Winter Moth Killer Safe for Environment and People
December 18, 2013
Those tiny holes in the leaves of your oak, maple and fruit trees are likely the work of the winter moth caterpillar, the same caterpillars that turn into moths and have swarmed porch lights in recent months.
The winter moth has been a problem in Rhode Island and the Northeast since at least 2004. State officials say the damage to leaves stresses trees, causing them to create more leaves. The stress makes them more susceptible to harm from other insects, drought and even lawn fertilizers.
To take action, the Rhode Island Department of Environmental Management (DEM) and the University of Rhode Island have introduced a parasitic fly that feeds on the moth. These flies lay eggs on tree leaves. The leaves and eggs are consumed by winter moth larvae. The flies then hatch in the winter moth cocoon and eat the moth during its pupa stage. The flies winter in the cocoon and hatch in the spring, when they start infesting winter moths all over again.
The tactic has worked in Nova Scotia, which was first invaded by the winter moth in the 1950s. The winter moth originates from Europe and has since been found in Maine, New Hampshire and Massachusetts. All three states have similar parasitic fly programs.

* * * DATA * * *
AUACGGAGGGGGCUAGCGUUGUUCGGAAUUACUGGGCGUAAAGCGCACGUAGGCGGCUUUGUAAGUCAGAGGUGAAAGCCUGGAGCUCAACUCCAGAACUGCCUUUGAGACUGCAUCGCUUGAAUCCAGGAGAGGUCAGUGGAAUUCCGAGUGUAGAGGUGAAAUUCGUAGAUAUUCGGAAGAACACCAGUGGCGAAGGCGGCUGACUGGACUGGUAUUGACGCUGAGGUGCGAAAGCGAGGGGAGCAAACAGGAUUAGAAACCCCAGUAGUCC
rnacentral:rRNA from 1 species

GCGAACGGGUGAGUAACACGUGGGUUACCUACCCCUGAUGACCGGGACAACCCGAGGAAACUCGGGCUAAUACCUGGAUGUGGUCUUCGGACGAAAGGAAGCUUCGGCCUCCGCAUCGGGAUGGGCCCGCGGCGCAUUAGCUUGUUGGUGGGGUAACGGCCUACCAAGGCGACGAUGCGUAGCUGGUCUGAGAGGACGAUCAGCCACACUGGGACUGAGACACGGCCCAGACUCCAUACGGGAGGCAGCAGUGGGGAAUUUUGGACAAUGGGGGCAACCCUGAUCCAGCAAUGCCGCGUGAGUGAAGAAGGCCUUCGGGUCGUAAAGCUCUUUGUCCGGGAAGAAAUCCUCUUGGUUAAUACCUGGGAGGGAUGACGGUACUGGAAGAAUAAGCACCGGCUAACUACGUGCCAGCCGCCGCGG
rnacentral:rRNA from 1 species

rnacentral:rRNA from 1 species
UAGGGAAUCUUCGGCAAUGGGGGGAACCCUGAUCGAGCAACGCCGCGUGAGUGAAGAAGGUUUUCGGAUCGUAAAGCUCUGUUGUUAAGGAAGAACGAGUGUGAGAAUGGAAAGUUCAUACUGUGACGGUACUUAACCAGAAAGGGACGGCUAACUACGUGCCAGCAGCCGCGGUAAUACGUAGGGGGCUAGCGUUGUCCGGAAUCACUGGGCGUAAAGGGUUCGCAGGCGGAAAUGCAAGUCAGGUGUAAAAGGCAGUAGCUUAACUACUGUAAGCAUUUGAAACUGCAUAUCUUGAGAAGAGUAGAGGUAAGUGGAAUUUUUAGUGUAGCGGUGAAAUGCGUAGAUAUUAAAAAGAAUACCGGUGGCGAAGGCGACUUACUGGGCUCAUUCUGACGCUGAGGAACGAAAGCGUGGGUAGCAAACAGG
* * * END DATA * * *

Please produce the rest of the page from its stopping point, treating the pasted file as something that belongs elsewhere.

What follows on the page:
It’s expected to take about five years before the parasites run out of winter moths to devour and subsequently die off themselves, according to state officials.
Bruce Payton, deputy chief of DEM’s Division of Forest Environment, said the parasitic fly, cyzenis albicans, is not a threat to people or the environment. A decade or more of trials in Nova Scotia hasn’t shown any problems, he said.
“Nothing happened up there,” Payton said. There also has been extensive analysis locally. “You can’t just release stuff. There is a long, long (research) process,” he said.
Rhode Island has received grants of some $500,000 to pay for the past two years of using the parasitic fly. The results have been slow but effective, Payton said.
“I’d like them to see a lot more releases. But right now it’s a matter of funding and the economy,” he said.
Extensive tree damage occurs when maples, elms, ash, oak and beech trees are hit by the winter moth, followed by other pests such as the gypsy moth and the forest tent caterpillar. That’s what killed off about 100 acres of forest near Stratford Pond in Tiverton, according to DEM.
Another risk is damage to the fruit industry, such as growers of blueberries, cranberries, pears and apples.
“It an expensive little critter to raise,” Payton said of the parasitic flies. “It’s not cheap but well worth it if you consider the damage it can do to the industries like fruit and lumber.”
DEM has received reports of winter moths throughout Rhode Island, and particularly in the coastal communities of Warwick, Cranston, South Kingstown, Charlestown and Westerly. They have also been reported in Cumberland, Lincoln and East Providence.
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